Android is an open-source operating system that has been dominating mobile, tablet, and netbooks since its original beta release in 2007. Due to the versatile nature of the Google-owned OS, various manufacturers leave their stamp on Android visually with custom user interfaces and by adding their own applications (apps). Despite this, all versions of Android work in uniform with its current release.

This can be daunting for some users, with some opting for a controlled operating system for their handsets such as Apple’s iOS. Sometimes, controlled environments such as this can limit what a user can do, often restricting them to said OS’s products and app store. With Android, the platform is open for development, which means more choice and room to make a mobile space that suits your needs. 

This is where PC Guide comes in. We’re here to help you make the most of Android and answer some tricky questions and help you find the right products in relation to your Android-based needs. 

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A Brief History on Android

Android was in development for two years before being bought by Google in 2005, with an official software development kit (SDK) released to developers in November 2007 following the beta release. Samsung Galaxy and Google Pixel handsets were still pipedreams, so the majority of early development was done by emulating the android environment on PCs.

Before this, mobile phone manufacturers were creating their own operating systems for handsets. The lack of uniformity between handsets settings and the general user interface was quite anti-consumer as touchscreen and smart devices became a reality in the mid to late 2000s. With the release of Android 1.0 on the HTC Dream, handset manufacturers slowly decided to license the operating system and put their own spin on the OS instead.

Is Android a Versatile Platform?

With big tech on the rise and a bigger demand for smart features on everyday appliances from TVs to picture frames, it’s good to know that Android is compatible, and in some cases running, on all of these devices. Unlike other platforms, Android is compatible with the majority of smart tech available today. For example, sharing content from your mobile device to a firestick or smart TV is a couple of presses away.

If there’s an app, it’s most likely on Android. Opening up developer options also allows you to install apps not available on the Google Play store, which opens up the platform to near-infinite possibilities, but it’s always best to play it safe.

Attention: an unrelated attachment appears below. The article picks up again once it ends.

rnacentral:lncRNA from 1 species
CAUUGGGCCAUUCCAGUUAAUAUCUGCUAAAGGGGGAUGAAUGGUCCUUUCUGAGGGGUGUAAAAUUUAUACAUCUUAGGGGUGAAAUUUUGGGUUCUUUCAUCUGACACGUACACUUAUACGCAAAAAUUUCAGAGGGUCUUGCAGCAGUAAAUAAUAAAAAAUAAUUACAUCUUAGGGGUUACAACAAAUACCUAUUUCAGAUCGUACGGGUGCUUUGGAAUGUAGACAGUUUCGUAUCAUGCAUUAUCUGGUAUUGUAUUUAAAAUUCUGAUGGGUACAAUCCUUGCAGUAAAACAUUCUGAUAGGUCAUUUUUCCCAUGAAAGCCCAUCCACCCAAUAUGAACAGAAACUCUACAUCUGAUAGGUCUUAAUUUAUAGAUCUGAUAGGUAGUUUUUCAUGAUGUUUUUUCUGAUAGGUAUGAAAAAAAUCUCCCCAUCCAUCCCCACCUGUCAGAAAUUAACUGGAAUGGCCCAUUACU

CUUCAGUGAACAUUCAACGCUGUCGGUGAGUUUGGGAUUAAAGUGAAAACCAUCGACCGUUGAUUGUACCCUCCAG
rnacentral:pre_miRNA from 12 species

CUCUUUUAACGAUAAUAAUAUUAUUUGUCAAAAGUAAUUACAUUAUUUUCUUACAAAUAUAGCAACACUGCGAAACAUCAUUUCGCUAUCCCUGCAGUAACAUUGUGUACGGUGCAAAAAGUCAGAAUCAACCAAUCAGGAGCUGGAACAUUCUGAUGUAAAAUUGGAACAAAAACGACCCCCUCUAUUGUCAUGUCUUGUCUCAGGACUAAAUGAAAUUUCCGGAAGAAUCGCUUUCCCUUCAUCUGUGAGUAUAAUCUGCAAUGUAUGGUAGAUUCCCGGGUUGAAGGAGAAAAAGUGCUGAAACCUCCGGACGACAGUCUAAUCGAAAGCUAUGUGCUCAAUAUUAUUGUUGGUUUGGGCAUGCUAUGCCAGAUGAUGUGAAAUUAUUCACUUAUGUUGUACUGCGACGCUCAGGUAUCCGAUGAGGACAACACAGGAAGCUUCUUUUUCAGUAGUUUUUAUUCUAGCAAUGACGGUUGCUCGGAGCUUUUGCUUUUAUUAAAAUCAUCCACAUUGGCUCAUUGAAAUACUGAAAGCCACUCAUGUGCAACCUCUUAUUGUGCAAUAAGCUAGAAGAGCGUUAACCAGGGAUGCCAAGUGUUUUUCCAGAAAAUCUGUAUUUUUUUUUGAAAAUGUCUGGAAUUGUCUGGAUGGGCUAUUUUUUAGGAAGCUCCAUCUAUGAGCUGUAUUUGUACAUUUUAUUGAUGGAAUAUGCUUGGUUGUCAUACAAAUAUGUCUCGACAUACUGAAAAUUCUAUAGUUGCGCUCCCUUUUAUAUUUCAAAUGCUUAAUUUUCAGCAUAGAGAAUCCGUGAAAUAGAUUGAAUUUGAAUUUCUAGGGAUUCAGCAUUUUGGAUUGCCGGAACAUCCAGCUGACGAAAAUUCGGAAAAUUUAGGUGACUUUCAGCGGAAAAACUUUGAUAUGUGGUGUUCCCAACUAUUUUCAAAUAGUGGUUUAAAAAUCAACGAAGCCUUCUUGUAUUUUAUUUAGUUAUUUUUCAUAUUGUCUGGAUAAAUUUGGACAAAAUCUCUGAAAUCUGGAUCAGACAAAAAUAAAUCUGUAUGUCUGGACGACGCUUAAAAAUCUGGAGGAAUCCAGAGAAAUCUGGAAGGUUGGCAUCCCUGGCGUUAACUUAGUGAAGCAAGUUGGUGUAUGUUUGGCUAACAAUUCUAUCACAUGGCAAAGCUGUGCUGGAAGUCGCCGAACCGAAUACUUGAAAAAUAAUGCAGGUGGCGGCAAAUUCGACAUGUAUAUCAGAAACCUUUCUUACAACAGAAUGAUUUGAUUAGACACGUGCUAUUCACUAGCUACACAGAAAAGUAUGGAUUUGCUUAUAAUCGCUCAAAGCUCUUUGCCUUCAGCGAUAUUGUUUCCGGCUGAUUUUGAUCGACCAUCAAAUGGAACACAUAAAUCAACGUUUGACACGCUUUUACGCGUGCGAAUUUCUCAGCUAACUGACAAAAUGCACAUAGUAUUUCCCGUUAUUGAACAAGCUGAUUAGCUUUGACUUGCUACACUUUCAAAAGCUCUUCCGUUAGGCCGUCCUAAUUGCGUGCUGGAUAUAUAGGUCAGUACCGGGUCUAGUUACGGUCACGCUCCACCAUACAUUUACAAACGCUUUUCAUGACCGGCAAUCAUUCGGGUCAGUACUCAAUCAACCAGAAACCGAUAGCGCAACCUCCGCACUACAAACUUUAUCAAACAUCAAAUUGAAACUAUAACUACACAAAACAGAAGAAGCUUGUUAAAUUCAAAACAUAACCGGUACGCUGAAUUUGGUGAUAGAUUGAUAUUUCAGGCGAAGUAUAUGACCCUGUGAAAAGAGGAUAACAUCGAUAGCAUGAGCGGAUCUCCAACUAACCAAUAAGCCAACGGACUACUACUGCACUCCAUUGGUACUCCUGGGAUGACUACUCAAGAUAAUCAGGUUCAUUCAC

Android just works and keeps every kind of user in mind, making it an accessible platform for power users and your Grandad. Rather than making Android an exclusive club for premium handsets, Android runs on budget and high-end software. Its approach is uniform across the board and brings a great deal of tech under one, consumer-friendly banner.

Is Android Safe?

Much like a personal computer, Android is a secure platform and allows the use of anti-virus, firewalls, and VPNs to help protect your family and personal data. It’s always wise to use trusted sources and apps, which is why we would only recommend using developer options and apps signed off by a trusted source (such as Google Play, Samsung, or Huawei stores) to download your apps from.

What Do I Need?

The majority of non-iPhone handsets run one version of Android or another. With Android being owned by Google, having a Google Account is necessary to get the most out of the Google Play Store and other cloud-based Google services such as:

  • Google Drive (Online Storage), 
  • Google Photos (a Cloud-based photo backup/gallery service), 
  • G-Suite (A brilliant alternative to Microsoft Office)
  • Gmail (Email client that can be used for any email address)
  • Maps (Navigation)
  • YouTube (Video and music content)
  • Chrome (Google’s award-winning browser)
  • GPay (Securely pay for items using your handset or tablet)

The general idea is to have one account for every service needed on a handset on an operating system build for them. For example, Google Drive is becoming the standard for multi-taskers who work between devices who want their work accessible and manageable on mobile, PC, and more. Once you have your android device and Google account set up, the experience is seamless thanks to Google’s focus on compatibility. 

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